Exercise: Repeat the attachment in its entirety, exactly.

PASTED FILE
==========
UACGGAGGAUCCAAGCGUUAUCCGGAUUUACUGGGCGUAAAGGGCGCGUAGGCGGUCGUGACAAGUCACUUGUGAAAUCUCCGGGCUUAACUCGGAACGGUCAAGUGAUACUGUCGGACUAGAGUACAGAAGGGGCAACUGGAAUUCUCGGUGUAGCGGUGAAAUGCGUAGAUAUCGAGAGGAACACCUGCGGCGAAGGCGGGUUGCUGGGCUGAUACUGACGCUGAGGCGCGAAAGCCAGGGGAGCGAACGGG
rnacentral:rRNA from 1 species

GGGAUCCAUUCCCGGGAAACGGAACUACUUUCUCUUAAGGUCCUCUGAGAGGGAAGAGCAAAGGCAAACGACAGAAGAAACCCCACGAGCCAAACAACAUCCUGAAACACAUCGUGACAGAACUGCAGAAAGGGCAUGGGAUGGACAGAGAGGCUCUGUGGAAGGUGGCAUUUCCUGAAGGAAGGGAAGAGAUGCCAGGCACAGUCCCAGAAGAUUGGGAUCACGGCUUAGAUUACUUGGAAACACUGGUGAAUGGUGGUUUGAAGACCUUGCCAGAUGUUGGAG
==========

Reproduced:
UACGGAGGAUCCAAGCGUUAUCCGGAUUUACUGGGCGUAAAGGGCGCGUAGGCGGUCGUGACAAGUCACUUGUGAAAUCUCCGGGCUUAACUCGGAACGGUCAAGUGAUACUGUCGGACUAGAGUACAGAAGGGGCAACUGGAAUUCUCGGUGUAGCGGUGAAAUGCGUAGAUAUCGAGAGGAACACCUGCGGCGAAGGCGGGUUGCUGGGCUGAUACUGACGCUGAGGCGCGAAAGCCAGGGGAGCGAACGGG
rnacentral:rRNA from 1 species

GGGAUCCAUUCCCGGGAAACGGAACUACUUUCUCUUAAGGUCCUCUGAGAGGGAAGAGCAAAGGCAAACGACAGAAGAAACCCCACGAGCCAAACAACAUCCUGAAACACAUCGUGACAGAACUGCAGAAAGGGCAUGGGAUGGACAGAGAGGCUCUGUGGAAGGUGGCAUUUCCUGAAGGAAGGGAAGAGAUGCCAGGCACAGUCCCAGAAGAUUGGGAUCACGGCUUAGAUUACUUGGAAACACUGGUGAAUGGUGGUUUGAAGACCUUGCCAGAUGUUGGAG